The chap pictured at the top of this post is, like other rabbits rescued by Raystede, looking for a new home.

He is such a sweetheart and anyone from the UK wishing to adopt him should comment on this post suggesting a name for him.  Then, on Friday, we will put all the suggested names in a box and draw out a winner.  The rescued bunny will be trusted to the loving care of the lucky prize winner to whom he will be promptly delivered 😀

E is for Elephant

E is for Elephant

Elephant    noun

Oxford Dictionary definition:  Largest living land animal with trunk and ivory tusks.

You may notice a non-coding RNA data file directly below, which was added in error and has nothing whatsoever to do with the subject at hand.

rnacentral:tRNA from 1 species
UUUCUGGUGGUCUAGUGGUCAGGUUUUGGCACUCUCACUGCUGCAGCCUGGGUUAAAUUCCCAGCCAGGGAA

Our definition:  Elephants are large mammals of the family Elephantidae and the order Proboscidea.  Two species are traditionally recognised: the African elephant and the Asian elephant.  Male African elephants are the largest surviving terrestrial [land] animals and can reach a height of 4 metres and weigh 7,000 kg. All elephants have a long trunk, used for many purposes, particularly breathing, lifting water and grasping objects.  All African elephants, male and female, have tusks whereas only some Asian males have tusks. About 50% of Asian females have short tusks known as tushes – which have no pulp inside.  Usually in mammals tusks are enlarged canine teeth, but in elephants they are actually elongated incisors and are essentially no different from other teeth. One third of the tusk is actually hidden from view, embedded deep in the elephant’s head. This part of the tusk is a pulp cavity made up of tissue, blood and nerves. The visible, ivory part of the tusk is made of dentine with an outer layer of enamel.  Their tusks can serve as weapons and as tools for moving objects and digging. Elephants’ large ear flaps help to control their body temperature.  African elephants have larger ears and concave backs while Asian elephants have smaller ears and convex or level backs.